Dharamvir Bharati had been an extremely revered Hindi novelist of his time, i.e. the 60s and the 70s. His romantic novel – Gunahon ka Devta – turned out to be a cult classic and I have been meaning to read something from him. So, i thought i’ll start with his most famed.

What I liked:

To be honest, I didn’t like most of it. I wanted to like it so badly because most of the Hindi literature that I like is from this period or slightly before. Not really from today. And i wanted to be known as someone who has read his stuff and loves it. Vain, I know. Still, if I had to pick a few things that I liked, they would be:

1. The old world charm of the Hindi hinterland since it’s based in that part of India.

2. I liked how all the women characters in the book had something strong and unique going on for them. I know many people think that the women characters were stereotypical but I don’t agree with this completely. They may be stereotypical but they all had a characteristic that stood out. Be it Binti, the side-kick cousin or her bitter & orthodox mom or even the super stereotypical Pammi, who is shown as the vamp character by showing her Anglo Indian and ‘easy’. Even the protagonist, she was unique in her own ways.

Oh wait, i should have mentioned what the book is about. It’s essentially a friendship turned love story turned sacrificial love between Chander and Sudha. Chander is a student prodigy of Sudha’s father who is a college professor. He trusts Chander blindly with anything in life and family matters (and that’s how Chander and his daughter are ‘allowed to’ be friends) but there’s not even a possibility of considering him as a perspective groom because of caste differences which was a pretty big deal back then and continues to be in many parts still, especially that area where this is based.

What I didn’t like:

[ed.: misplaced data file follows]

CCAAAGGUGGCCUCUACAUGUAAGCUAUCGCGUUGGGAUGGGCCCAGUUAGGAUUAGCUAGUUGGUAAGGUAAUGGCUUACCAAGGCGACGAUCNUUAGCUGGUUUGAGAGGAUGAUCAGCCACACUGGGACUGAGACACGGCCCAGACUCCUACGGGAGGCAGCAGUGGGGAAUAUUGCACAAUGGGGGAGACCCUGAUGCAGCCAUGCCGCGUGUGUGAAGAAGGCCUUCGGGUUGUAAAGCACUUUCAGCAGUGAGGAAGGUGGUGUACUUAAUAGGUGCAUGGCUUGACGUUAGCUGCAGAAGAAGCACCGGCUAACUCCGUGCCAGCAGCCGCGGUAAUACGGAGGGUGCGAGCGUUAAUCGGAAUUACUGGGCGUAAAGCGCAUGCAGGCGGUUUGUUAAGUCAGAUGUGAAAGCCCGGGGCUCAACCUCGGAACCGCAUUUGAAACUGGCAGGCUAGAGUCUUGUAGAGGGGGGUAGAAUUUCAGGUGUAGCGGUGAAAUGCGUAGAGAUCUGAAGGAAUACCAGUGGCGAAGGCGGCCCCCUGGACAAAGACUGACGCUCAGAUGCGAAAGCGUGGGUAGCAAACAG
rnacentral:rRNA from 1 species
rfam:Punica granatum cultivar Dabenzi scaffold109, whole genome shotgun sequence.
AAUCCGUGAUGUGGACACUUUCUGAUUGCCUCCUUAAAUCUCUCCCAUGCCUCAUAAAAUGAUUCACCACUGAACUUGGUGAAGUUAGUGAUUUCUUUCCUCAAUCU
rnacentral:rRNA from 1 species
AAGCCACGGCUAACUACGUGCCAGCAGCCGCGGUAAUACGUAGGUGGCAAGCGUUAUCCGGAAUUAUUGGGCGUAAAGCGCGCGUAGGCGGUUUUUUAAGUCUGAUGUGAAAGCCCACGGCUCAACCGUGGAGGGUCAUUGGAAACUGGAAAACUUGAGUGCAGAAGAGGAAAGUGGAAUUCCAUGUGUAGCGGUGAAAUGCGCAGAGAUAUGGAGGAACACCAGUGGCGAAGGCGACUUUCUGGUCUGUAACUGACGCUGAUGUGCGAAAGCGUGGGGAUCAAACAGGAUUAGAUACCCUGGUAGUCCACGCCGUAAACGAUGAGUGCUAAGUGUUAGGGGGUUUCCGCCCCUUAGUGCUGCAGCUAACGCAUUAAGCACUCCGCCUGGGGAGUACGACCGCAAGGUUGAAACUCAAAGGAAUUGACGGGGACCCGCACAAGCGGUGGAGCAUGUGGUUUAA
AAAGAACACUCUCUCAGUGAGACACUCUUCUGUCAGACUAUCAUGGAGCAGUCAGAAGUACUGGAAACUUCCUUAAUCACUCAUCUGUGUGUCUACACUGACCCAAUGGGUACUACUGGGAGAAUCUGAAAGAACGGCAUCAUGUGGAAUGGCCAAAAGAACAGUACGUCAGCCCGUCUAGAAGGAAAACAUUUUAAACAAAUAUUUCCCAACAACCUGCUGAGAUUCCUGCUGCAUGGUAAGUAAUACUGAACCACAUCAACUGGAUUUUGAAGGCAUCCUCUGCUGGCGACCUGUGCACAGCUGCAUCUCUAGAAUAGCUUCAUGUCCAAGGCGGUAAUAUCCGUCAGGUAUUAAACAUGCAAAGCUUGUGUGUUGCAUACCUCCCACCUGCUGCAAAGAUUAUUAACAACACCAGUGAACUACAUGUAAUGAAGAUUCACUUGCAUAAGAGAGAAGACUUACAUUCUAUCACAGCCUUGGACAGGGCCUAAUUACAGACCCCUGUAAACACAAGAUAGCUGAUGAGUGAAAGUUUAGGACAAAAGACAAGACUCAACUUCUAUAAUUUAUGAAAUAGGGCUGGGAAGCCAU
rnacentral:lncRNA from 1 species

A lot. First of all, I am not a big fan of the sacrificial kind of love stories. Most of the ones that I have read never seem to have a good enough reason for it, so I basically find it difficult to relate to protagonists’ problems. To top it off, I felt that both the protagonists, i.e. Chander and Sudha, had very annoying personalities. Chander is kind of self centred and despite being someone older and well-read in the equation, he exhibits really toxic man-child behavior around Sudha and when not ‘catered to’, he exhibits self-harming behavior. It’s really annoying and I could hardly garner any sympathy. If i was supposed to look for a deeper meaning in Chander’s personality, I failed. Sudha, while definitely seemed a better character than Chander, was just not good enough for me. I cannot place a finger on why I found her annoying, since I may have liked her character in another novel setting. I just didn’t like the fact that she caved in too quickly to Chander’s whims.

That’s really it. I actually really wanted to like it but i didn’t . Below are the links even though I haven’t made a good case for it:

Actual Book

English Translation

If you liked this, check out more of my latest posts:

Book 11 of 2022 | The Mountain View Murder: A Wintergreen Mystery by Patrick Kelly

Another day, another book post! Continuing with my streak of posting my views on all the books I read, here’s my 10th 11th one from this year. You can find more of such posts from me here.

A short note on reading habit before the actual review: Remember this post? A lot of you appreciated it and while I barely continued this practice, at least it initiated me into reading articles more mindfully. As for books, I already used to savor what I read but I mostly forget what I read. Hence, going forward, you will see a structure to my book opinions. I also maintain a book journal for my notes now and I love doing that. You’ll also see me writing why I chose to read a book. It will sort of help me take a mental picture of the time I was reading that book in. I want to clarify here that I don’t read for ROI (not that that’s a bad thing) but the note-taking may sound like tedious to some of you and that’s totally understandable, but I do it to savor the book reading experience. Goes without saying that I only do it when I like to.

And now, here are my thoughts on The Mountain View Murder:

Why I chose this book?